Political Seismology

Eric Cantor’s Loss Was Like an Earthquake

Everybody is talking how it was big and far-reaching surprise, but here Nate Silver has something more subtle in mind: The statistics of Republican primary results look a lot like those of earthquakes, and he presents the graphs to show it. Major primary upsets, like serious earthquakes, are rare but they do happen. Furthermore, they are fundamentally random and unpredictable.

I’d expect few people to react in this way. The tea party versus establishment storyline is a great storyline for the news media. It’s a great storyline for Democrats. It’s a great story line for the tea party. It’s a terrible story line for the Republican establishment — but they may be scared. Unlike earthquakes, which don’t give a rip about how we react to them, politicians do. So there may be a number of aftershocks, even if they’re man-made.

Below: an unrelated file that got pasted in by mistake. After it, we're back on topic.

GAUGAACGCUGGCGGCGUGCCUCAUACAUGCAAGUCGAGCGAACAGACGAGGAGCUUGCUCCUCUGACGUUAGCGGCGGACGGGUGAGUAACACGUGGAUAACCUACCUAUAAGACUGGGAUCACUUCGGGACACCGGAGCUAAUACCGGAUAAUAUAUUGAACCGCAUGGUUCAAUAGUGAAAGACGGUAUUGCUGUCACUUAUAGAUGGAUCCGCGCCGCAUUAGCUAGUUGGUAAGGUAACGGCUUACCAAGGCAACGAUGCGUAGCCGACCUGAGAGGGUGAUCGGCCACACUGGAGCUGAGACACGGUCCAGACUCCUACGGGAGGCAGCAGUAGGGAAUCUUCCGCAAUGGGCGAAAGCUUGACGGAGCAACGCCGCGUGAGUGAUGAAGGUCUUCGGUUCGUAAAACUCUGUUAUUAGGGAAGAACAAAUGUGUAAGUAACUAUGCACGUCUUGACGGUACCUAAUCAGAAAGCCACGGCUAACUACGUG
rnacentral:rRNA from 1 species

This need to find a “storyline” to “explain” a sequence of events which may be partially or completely random is what Nassim Nicholas Taleb, in The Black Swan, calls the “narrative fallacy:”

The narrative fallacy addresses our limited ability to look at sequences of facts without weaving an explanation into them, or, equivalently, forcing a logical link, an arrow of relationship upon them. Explanations bind facts together. They make them all the more easily remembered; they help them make more sense. Where this propensity can go wrong is when it increases our impression of understanding.

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